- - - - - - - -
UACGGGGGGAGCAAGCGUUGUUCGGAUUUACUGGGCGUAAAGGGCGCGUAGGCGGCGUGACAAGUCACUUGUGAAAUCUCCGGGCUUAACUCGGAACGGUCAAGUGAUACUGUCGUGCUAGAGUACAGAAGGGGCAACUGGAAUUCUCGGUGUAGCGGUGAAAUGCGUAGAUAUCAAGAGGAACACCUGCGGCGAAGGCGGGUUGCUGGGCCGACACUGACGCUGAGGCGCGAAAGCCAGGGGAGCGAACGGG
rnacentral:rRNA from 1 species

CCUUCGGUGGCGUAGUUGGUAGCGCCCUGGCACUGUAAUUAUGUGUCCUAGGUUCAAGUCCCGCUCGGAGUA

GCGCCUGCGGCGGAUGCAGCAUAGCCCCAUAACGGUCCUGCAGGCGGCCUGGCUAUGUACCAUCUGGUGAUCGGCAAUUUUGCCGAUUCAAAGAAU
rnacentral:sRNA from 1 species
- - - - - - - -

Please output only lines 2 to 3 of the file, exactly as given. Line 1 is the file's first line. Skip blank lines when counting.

rnacentral:rRNA from 1 species

CCUUCGGUGGCGUAGUUGGUAGCGCCCUGGCACUGUAAUUAUGUGUCCUAGGUUCAAGUCCCGCUCGGAGUA